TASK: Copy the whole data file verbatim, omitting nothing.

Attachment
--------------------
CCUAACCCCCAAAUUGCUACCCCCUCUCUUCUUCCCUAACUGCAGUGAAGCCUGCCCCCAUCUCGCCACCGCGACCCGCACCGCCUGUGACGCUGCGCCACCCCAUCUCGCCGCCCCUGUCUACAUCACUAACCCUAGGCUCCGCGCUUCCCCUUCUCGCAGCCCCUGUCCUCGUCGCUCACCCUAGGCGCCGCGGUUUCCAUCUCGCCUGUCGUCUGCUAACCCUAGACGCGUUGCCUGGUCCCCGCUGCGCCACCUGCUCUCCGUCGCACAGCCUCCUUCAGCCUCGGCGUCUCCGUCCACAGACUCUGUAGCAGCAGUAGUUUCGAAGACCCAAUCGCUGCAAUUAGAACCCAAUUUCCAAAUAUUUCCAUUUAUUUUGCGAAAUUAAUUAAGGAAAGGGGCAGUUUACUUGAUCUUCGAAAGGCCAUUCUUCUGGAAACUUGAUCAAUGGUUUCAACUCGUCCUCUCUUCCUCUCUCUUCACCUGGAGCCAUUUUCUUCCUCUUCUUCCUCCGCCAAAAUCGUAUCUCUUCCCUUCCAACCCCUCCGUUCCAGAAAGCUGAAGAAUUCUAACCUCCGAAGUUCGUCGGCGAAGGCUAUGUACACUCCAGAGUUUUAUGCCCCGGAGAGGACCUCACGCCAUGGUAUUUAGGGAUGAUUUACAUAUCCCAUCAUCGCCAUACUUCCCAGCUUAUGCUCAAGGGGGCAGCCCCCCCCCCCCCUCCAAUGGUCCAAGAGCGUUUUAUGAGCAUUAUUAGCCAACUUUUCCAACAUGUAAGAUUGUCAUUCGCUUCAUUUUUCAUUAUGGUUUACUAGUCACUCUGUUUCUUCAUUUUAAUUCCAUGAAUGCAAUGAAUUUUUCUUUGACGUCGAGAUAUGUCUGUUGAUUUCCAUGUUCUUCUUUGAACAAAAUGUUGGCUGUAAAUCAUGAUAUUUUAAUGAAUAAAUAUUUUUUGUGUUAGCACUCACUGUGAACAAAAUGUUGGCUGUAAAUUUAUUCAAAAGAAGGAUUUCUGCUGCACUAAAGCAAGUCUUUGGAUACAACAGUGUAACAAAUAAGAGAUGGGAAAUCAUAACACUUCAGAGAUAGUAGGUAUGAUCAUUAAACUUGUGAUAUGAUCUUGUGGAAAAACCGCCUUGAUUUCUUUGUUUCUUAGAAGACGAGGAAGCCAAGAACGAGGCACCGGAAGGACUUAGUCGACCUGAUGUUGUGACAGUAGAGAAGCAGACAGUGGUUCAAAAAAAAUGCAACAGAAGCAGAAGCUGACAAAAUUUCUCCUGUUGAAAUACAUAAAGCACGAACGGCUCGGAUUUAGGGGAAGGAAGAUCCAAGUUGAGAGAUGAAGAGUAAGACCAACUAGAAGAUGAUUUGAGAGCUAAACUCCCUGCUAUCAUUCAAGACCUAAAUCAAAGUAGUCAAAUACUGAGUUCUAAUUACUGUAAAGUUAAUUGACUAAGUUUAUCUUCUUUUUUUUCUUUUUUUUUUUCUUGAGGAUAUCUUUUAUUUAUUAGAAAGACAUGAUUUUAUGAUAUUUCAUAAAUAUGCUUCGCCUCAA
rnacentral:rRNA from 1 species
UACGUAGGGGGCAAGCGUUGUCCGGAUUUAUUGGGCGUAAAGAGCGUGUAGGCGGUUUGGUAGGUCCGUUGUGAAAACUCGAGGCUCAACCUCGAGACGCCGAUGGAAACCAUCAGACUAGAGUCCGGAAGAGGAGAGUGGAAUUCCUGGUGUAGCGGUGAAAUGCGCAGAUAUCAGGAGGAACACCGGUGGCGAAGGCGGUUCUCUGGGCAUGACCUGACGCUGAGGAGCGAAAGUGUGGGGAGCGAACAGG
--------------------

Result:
CCUAACCCCCAAAUUGCUACCCCCUCUCUUCUUCCCUAACUGCAGUGAAGCCUGCCCCCAUCUCGCCACCGCGACCCGCACCGCCUGUGACGCUGCGCCACCCCAUCUCGCCGCCCCUGUCUACAUCACUAACCCUAGGCUCCGCGCUUCCCCUUCUCGCAGCCCCUGUCCUCGUCGCUCACCCUAGGCGCCGCGGUUUCCAUCUCGCCUGUCGUCUGCUAACCCUAGACGCGUUGCCUGGUCCCCGCUGCGCCACCUGCUCUCCGUCGCACAGCCUCCUUCAGCCUCGGCGUCUCCGUCCACAGACUCUGUAGCAGCAGUAGUUUCGAAGACCCAAUCGCUGCAAUUAGAACCCAAUUUCCAAAUAUUUCCAUUUAUUUUGCGAAAUUAAUUAAGGAAAGGGGCAGUUUACUUGAUCUUCGAAAGGCCAUUCUUCUGGAAACUUGAUCAAUGGUUUCAACUCGUCCUCUCUUCCUCUCUCUUCACCUGGAGCCAUUUUCUUCCUCUUCUUCCUCCGCCAAAAUCGUAUCUCUUCCCUUCCAACCCCUCCGUUCCAGAAAGCUGAAGAAUUCUAACCUCCGAAGUUCGUCGGCGAAGGCUAUGUACACUCCAGAGUUUUAUGCCCCGGAGAGGACCUCACGCCAUGGUAUUUAGGGAUGAUUUACAUAUCCCAUCAUCGCCAUACUUCCCAGCUUAUGCUCAAGGGGGCAGCCCCCCCCCCCCCUCCAAUGGUCCAAGAGCGUUUUAUGAGCAUUAUUAGCCAACUUUUCCAACAUGUAAGAUUGUCAUUCGCUUCAUUUUUCAUUAUGGUUUACUAGUCACUCUGUUUCUUCAUUUUAAUUCCAUGAAUGCAAUGAAUUUUUCUUUGACGUCGAGAUAUGUCUGUUGAUUUCCAUGUUCUUCUUUGAACAAAAUGUUGGCUGUAAAUCAUGAUAUUUUAAUGAAUAAAUAUUUUUUGUGUUAGCACUCACUGUGAACAAAAUGUUGGCUGUAAAUUUAUUCAAAAGAAGGAUUUCUGCUGCACUAAAGCAAGUCUUUGGAUACAACAGUGUAACAAAUAAGAGAUGGGAAAUCAUAACACUUCAGAGAUAGUAGGUAUGAUCAUUAAACUUGUGAUAUGAUCUUGUGGAAAAACCGCCUUGAUUUCUUUGUUUCUUAGAAGACGAGGAAGCCAAGAACGAGGCACCGGAAGGACUUAGUCGACCUGAUGUUGUGACAGUAGAGAAGCAGACAGUGGUUCAAAAAAAAUGCAACAGAAGCAGAAGCUGACAAAAUUUCUCCUGUUGAAAUACAUAAAGCACGAACGGCUCGGAUUUAGGGGAAGGAAGAUCCAAGUUGAGAGAUGAAGAGUAAGACCAACUAGAAGAUGAUUUGAGAGCUAAACUCCCUGCUAUCAUUCAAGACCUAAAUCAAAGUAGUCAAAUACUGAGUUCUAAUUACUGUAAAGUUAAUUGACUAAGUUUAUCUUCUUUUUUUUCUUUUUUUUUUUCUUGAGGAUAUCUUUUAUUUAUUAGAAAGACAUGAUUUUAUGAUAUUUCAUAAAUAUGCUUCGCCUCAA
rnacentral:rRNA from 1 species
UACGUAGGGGGCAAGCGUUGUCCGGAUUUAUUGGGCGUAAAGAGCGUGUAGGCGGUUUGGUAGGUCCGUUGUGAAAACUCGAGGCUCAACCUCGAGACGCCGAUGGAAACCAUCAGACUAGAGUCCGGAAGAGGAGAGUGGAAUUCCUGGUGUAGCGGUGAAAUGCGCAGAUAUCAGGAGGAACACCGGUGGCGAAGGCGGUUCUCUGGGCAUGACCUGACGCUGAGGAGCGAAAGUGUGGGGAGCGAACAGG